by James A. Bacon
The Virginia Board of Education (VBOE) has unanimously adopted a statement regarding its commitment to provide equal access to a high-quality public education.
“Systemic racism and discrimination still exist in public education, and too often, a student’s skin color or socioeconomic status predicts the quality of their educational opportunities,” says the statement. The VBOE goes on to attribute the educational achievement gap between whites and “people of color” to unequal funding.
The current system of funding for our schools, codified as the Standards of Quality, has not resulted in meaningful changes in educational outcomes. In fact, in combined effect with the previously long-standing Standards of Accreditation, segregation in our schools has increased. We have seen resources, in terms of funding and personnel, migrate to schools and localities that disproportionately served fewer students of color. The result has been a recognized achievement gap that continues to persist.
There is one big problem with this statement. There is no meaningful black-white funding gap in Virginia. The VBOE provides no statistics whatsoever to back up its statement. Repetition of a falsehood does not make it true. Here are the average annual per-pupil expenditures for school operations across the state broken down by race/ethnicity:
From a statewide perspective, there is a funding gap in Virginia, but it’s between Asians and Hispanics on the one hand and blacks and whites on the other. If the BOE had restricted its claim to the existence of a white/black funding gap, not a gap between whites and “people of color,” it would have been on firmer ground, although that gap is barely more than one-tenth of one percent. Good luck trying to explain the educational achievement gap (which is very real) on a one-tenth of one percent difference in spending.
Where the numbers come from. Here’s how I crunched the numbers. I drew upon Table 13 of the Superintendent’s Annual Report for Disbursements by Division for Fiscal 2019 as well as the enrollment numbers by race provided by the Virginia Department of Education’s Fall Membership Build-A-Table. To reduce the complexity of my presentation, I excluded American Indians, Native Hawaiians and Pacific Islanders, two or more races, and unknowns. For each locality, I applied the per-pupil expenditure for each school district to the number of children of each ethnicity.
For example, Accomack County reported a per-pupil expenditure of $10,819 for Fiscal 2019 and an enrollment of 1,915 black students. Thus, I calculated total expenditures for black students in Accomack by multiplying $10,819 times 1,915 to get $20,719,170. I replicated that calculation for whites, Asians, and Hispanics for each school district in the state.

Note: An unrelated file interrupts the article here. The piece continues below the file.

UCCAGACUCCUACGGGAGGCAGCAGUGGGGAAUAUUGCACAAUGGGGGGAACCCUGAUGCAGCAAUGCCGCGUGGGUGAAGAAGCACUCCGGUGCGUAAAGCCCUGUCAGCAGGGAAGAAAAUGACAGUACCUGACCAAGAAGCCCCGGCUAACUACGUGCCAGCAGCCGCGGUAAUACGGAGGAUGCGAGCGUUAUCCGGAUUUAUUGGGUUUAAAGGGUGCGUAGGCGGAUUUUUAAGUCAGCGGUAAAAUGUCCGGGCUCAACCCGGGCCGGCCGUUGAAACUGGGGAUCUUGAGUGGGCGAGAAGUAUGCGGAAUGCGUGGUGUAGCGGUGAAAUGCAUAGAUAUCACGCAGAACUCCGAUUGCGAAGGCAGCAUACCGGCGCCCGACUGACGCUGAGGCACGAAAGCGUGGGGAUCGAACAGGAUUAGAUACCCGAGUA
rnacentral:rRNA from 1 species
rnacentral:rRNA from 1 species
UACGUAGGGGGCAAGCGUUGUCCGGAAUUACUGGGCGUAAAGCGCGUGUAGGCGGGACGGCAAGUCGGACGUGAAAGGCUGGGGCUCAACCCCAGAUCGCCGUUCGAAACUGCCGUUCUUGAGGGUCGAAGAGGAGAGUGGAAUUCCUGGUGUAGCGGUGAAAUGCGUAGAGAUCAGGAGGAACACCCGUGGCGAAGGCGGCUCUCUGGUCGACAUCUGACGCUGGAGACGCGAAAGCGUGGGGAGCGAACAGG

Adjusting for Northern Virginia. Most of the statewide spending differentials can be explained by the demographics of Northern Virginia localities, which have a higher percentage of Asians and Hispanics than downstate localities. The higher expenditures reflect two main things: (1) a highly educated population in NoVa that places a high priority on K-12 schooling, and (2) the higher cost of living, which requires NoVa localities to pay higher teacher and administrator salaries. Given the differing demographics and cost of living, it makes sense to look at NoVa and RoVa separately.
Here are the downstate numbers.
Outside of Northern Virginia, spending per pupil is distributed remarkably evenly among the races. Insofar as any racial group is favored, it is African Americans at $11,592 per pupil. Insofar as any racial group is disfavored, it is whites at $11,291. The black/white gap is 2.7% — in favor of blacks!
Let me repeat for emphasis, RoVa school districts spend 2.7% more per African-American student than whites. Expenditures for Hispanics and Asians fall between the two.
The situation is a little different in Northern Virginia.
Insofar as racial disparities in per-pupil funding are caused by “systemic racism and discrimination” in Virginia, it is mostly limited to Northern Virginia, and it is not very large.
However, if we accept the logic that disparities in funding are prima facie proof of “racism and discrimination,” then it appears that the racism and discrimination in RoVa favors blacks and discriminates against whites.
There may be other ways to slice and dice the data, and I’m happy to share my spreadsheet with anyone who wants to see the data for themselves. Contact me at jabacon[@]baconsrebellion.com.
Bacon’s bottom line: The Virginia Board of Education statement that the racial achievement gap in Virginia can be attributed to unequal funding has no factual basis whatsoever. This is leftist dogma which, by virtue of constant repetition, people have come to accept as fact. “Repeat a lie often enough and it becomes the truth,” Nazi propaganda chief Joseph Goebbels famously said. As I recall, he had a few race obsessions of his own.There are currently no comments highlighted.